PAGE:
Very few people discover something so startling that they are compelled to say, “Stop the presses!” Fewer still do so while examining a nearly 300-year-old-book in a university research library.
Janet Stiles Tyson, then, is one very lucky woman.
“I ran up to the desk where the librarians were, and I just said, ‘Do you see what's in here? … ‘Do you realize what this is?’ Anyway, I was just practically hyperventilating.”
This dramatic moment came when Tyson, a researcher and writer from Michigan, visited the David M. Rubenstein Rare Book and Manuscript Library in 2022 to view Duke’s copy of a landmark book of botanical art. “A Curious Herbal, Containing Five Hundred Cuts, of the Most Useful Plants, Which Are Now Used in the Practice of Physick” was the production of Elizabeth Blackwell, an early 18th-century British illustrator and woman of science. Tyson, who researched Blackwell for her Ph.D. thesis at Birkbeck University of London, had been commissioned to write an essay for a new edition of “A Curious Herbal” and had set out to see as many of the original copies as possible.
Blackwell’s creation was a pioneering work – a two-volume masterpiece containing hand-colored botanical engravings especially useful to those using plants medicinally. Volume 1 was published in London in 1737, followed by Volume 2 in 1739. The Rubenstein, which acquired its copy in 2018, didn’t just happen to purchase the book. It was part of a carefully planned collection strategy at the library.
“We have a particular interest in the lives of women,” says Andrew Armacost, head of collection development and curator of collections at the Rubenstein, referring to the Sallie Bingham Center for Women's History & Culture. The medicinal aspect of the book also made it a good fit for the library’s History of Medicine Collections.
While her masterwork has become a classic text, Blackwell, herself, was something of a cipher. Little was known of her life beyond the fact that she was married to Alexander Blackwell, a Scotsman who was fined for running a printing business without having served an apprenticeship and condemned to debtor’s prison when he couldn’t pay. It was generally believed that Elizabeth Blackwell undertook the book to support her family while her husband was in jail. She produced the engravings that became “A Curious Herbal” from 1735 to 1739 as a series of weekly fascicules – four engravings and one page of descriptive text – that subscribers would purchase from booksellers. Ultimately, when the 500 engravings were complete and purchased, readers would take their piles of pages to a binder and have them made into books.
Thus, Tyson notes, each of the more than 100 known original copies are different. Although the engravings are numbered, and so bound in a specific order, some volumes have elements differently organized or missing. “None of these copies was like any of the others,” she says. “They were all unique in one way or another.”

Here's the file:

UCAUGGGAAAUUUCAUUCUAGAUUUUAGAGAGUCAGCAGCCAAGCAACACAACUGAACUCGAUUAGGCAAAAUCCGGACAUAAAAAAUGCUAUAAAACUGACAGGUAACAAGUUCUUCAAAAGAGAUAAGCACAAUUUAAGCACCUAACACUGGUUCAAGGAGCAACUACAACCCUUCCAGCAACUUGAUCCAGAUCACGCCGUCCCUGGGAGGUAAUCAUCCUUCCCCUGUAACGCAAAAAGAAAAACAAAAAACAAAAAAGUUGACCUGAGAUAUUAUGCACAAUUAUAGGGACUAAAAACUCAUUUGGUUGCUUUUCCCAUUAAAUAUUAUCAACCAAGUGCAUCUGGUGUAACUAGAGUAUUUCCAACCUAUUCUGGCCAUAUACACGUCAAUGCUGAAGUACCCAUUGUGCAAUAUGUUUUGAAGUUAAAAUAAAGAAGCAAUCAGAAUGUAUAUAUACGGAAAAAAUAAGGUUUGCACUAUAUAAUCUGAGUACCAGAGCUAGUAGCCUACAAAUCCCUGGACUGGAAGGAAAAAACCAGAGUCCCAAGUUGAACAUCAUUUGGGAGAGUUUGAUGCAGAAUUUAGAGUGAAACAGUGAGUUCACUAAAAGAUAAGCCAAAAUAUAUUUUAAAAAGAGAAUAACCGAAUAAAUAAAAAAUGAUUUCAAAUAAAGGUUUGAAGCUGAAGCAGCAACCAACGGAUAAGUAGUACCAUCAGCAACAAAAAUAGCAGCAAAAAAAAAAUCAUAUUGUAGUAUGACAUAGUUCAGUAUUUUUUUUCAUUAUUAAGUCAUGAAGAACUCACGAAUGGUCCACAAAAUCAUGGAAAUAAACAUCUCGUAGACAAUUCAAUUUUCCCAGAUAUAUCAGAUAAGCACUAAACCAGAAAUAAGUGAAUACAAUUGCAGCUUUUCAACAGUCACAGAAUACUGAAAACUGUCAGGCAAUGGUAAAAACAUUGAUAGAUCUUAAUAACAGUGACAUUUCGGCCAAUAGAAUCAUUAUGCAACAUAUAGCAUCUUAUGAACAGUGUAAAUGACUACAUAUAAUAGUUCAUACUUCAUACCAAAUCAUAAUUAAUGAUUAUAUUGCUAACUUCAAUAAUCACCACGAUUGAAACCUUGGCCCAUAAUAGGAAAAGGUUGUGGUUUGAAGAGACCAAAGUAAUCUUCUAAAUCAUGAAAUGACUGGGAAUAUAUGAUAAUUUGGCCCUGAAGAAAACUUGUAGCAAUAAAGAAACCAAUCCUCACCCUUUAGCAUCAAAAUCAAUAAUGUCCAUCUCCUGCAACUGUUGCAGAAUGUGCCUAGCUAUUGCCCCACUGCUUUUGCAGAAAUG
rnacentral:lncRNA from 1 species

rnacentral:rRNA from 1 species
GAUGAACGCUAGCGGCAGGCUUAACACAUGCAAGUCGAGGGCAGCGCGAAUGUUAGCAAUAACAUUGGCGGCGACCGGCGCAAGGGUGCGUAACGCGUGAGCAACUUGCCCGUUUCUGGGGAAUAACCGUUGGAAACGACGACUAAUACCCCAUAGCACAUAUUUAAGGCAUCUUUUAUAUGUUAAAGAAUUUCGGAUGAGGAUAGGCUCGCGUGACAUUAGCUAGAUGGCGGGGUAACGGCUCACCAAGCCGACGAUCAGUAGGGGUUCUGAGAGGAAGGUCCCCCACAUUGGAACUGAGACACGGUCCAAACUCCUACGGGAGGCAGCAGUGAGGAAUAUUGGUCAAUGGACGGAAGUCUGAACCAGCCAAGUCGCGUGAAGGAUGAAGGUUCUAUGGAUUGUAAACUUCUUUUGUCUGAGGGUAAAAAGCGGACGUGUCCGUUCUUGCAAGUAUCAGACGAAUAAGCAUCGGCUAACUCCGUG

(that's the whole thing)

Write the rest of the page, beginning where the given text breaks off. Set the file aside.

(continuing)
Tyson visited dozens of libraries in Europe and the U.S. to inspect their copies of “A Curious Herbal,” which brought her to Duke in August of last year. What she found is a thing of beauty. Each 18-by-12-inch gilt-edged page is printed on one side only, so the impressions of the
plates that Blackwell herself engraved are visible in the thick paper. There are marbled endpapers and gold tooling on the black goatskin binding.
“Goat is the more expensive leather,” says Lauren Reno, rare materials cataloging section head at the Rubenstein.
“Books tell you sometimes how important they are,” says Armacost.
When Tyson began carefully turning the pages of the Rubenstein copy, she encountered something she had not seen before: A two-page preface, written by Blackwell and dated April 12, 1739, that revealed significant details of her life and work not previously known by scholars.
Writing about her lifelong interest in drawing, Blackwell recalled a childhood surrounded daily by “agreeable objects” due to “my father, Mr. Leonard Simpson, being a painter.” Tyson realized she was learning things hitherto unknown. Experts believed Blackwell had come from Aberdeen, Scotland, which was her husband’s home. But Blackwell’s naming of her father and his occupation provided a clue that would change the historical record. Without even leaving the library, she emailed research colleagues who were able to track down the artist Leonard Simpson and find an announcement of Blackwell’s birth in 1699, in London, in a parish record book.
Blackwell’s preface went on to describe how “A Curious Herbal” had come about, the challenges she faced in its production and the support she received from the scientific community. This was information Tyson realized she could bring to the reading public for the first time, so she called the new edition’s publisher: “I was kind of like, ‘Stop the presses. We have new information,’” she says. “And I was able to put that in.” The new edition, with Tyson’s discovery noted in her essay, was published on May 16 by the fine art publisher Abbeville Press.
“It gets at the life cycle of a rare book,” says Reno. The unique preface is just part of the story.
Worth stopping the presses, indeed.